Home ownership brings together so many wonderful things; family, dreams, shelter, status, and perhaps the most valuable factor — equity. Home equity is typically a homeowner’s most valuable asset, and can be used later in life, so it’s important to understand how it works and how to use it wisely.
Let’s take a closer look at how to calculate equity, how to build your equity and how to access it when you need it most.
What is home equity?
Described by many as a forced savings account, home equity is the difference between your home’s market value and what you owe on it. Your home equity grows with each mortgage payment you make, and when home prices rise, your equity grows faster as your home’s value increases; this is called appreciation, which we will cover later on in this article.
How do you calculate home equity?
The easiest way to calculate your home equity is when you first buy a home because it is basically your down payment. For example, if you put $20,000 down on a $200,000 home, your home equity upon purchasing would be 10 percent ($20,000). As you pay your mortgage each month, your home equity will continue to increase with each payment you make. So, if your mortgage payments are $2,000 a month, your home equity should be around 22 percent one year after purchasing your home, meaning that you owe $156,000 towards your home.
How do you build home equity?
To speed up the growth of your home equity, there are a few great options. Some require time, money or both. But all work towards two common goals: to increase your home’s value, or decrease your mortgage debt.
1. Let your home appreciate
Increasing your home equity through appreciation is largely dependent on the real estate market, but for the most part takes time and patience. As your home’s value grows, so does your equity. Using the same example as above, let’s say that your $200,000 home goes up in value by $50,000, bringing the total value of your home to $250,000. With your home valued at $250,000, and you still owing $156,000, you would have around 37 percent equity (1-($156,000/$250,000)). In this case, your loan value has not changed, but your home equity has increased due to the appreciation of your home.
2. Make a larger down payment
You can get equity from the beginning by making a larger down payment. The larger your down payment, the larger percentage of equity you will have from the start. Deciding on a down payment can be difficult, but a good mortgage lender should be able to help you evaluate your monthly expenses and budget so you can make a down payment that makes the most sense for your situation.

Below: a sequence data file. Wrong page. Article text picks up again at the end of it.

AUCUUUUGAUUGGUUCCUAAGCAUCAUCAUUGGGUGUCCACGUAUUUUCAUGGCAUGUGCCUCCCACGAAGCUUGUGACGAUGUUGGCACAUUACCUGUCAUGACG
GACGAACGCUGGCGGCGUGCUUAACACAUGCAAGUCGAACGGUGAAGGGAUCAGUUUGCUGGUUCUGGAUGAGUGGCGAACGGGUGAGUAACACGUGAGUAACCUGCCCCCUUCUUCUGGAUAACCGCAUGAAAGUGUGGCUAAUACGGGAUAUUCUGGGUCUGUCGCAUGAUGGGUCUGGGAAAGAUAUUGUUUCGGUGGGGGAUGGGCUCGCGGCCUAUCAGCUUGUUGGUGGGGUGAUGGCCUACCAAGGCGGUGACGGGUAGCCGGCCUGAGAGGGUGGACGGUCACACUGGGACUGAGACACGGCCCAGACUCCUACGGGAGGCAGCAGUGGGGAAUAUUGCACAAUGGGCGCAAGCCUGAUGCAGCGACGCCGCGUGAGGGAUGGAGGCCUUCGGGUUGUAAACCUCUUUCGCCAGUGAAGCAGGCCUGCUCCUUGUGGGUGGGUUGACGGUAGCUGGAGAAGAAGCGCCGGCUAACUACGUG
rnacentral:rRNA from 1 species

3. Make home improvements
Aside from appreciation, you can increase the value of your home with home improvements. Smaller improvements such as new appliances and new paint are not likely to increase the value of your home. But larger home improvements, such as a new kitchen or room additions, can have a major effect on increasing your home’s value. Before you begin any major projects, we suggest doing your research on the exact ROI you could receive.
4. Pay more on your mortgage
Because the amount you owe towards your mortgage is a direct reflection of your home equity, paying more on our mortgage can help you increase your home equity quickly. Here are a few options to consider when increasing your mortgage payments:
a. Earmark one partner’s paycheck. Couples who want to increase their equity in a hurry can take the route of living on one salary while committing the other person’s paychecks to paying down the mortgage.
b. Use gifts, bonuses and windfalls. Look for cash that dribbles in here and there (gift cards, inheritance, overtime pay, bonuses) and put it towards your mortgage to help pay down your principle.
c. Make bi-weekly payments. Paying your mortgage every other week instead of monthly adds one extra monthly payment to your mortgage annually.
d. Boost your monthly payment by an amount equal to a twelfth of a payment. By the year’s end, you’ll have made an extra payment.
How should you use your equity?
Using your home’s equity is allowed, but not advised unless absolutely necessary. To use your home’s equity you must borrow or sell your home. The three most known ways to get to your equity through borrowing are a home equity line of credit (HELOC), home equity loan or cash-out refinance. If you find that you are in a situation where you need to borrow from your home equity, we suggest talking with your lender to determine the best approach for your financial situation.